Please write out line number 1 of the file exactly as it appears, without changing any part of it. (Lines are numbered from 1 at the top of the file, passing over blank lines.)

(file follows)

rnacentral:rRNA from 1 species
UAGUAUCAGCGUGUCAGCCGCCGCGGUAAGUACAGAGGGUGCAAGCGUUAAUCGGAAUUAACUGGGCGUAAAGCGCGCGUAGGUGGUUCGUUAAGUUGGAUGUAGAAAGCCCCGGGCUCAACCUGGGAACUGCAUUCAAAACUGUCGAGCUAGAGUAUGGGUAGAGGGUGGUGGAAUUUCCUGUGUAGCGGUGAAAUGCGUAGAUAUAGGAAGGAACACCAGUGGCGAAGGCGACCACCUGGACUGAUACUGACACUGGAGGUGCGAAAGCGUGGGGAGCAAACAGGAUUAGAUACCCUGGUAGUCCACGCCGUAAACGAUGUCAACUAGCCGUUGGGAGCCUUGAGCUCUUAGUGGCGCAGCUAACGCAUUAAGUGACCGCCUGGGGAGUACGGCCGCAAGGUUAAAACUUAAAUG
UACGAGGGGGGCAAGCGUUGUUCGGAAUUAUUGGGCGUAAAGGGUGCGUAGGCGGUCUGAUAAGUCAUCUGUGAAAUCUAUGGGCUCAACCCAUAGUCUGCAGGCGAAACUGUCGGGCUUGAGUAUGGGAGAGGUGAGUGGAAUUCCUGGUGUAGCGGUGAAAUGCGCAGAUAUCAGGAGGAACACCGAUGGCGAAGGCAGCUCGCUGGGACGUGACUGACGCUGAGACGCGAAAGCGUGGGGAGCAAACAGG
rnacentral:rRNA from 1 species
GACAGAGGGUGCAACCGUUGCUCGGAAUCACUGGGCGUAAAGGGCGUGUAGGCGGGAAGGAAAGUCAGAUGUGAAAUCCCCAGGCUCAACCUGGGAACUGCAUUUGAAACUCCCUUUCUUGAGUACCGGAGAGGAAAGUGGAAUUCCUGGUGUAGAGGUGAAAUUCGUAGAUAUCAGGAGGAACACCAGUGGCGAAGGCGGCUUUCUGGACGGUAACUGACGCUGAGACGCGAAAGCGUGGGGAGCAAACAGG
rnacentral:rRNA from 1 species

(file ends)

rnacentral:rRNA from 1 species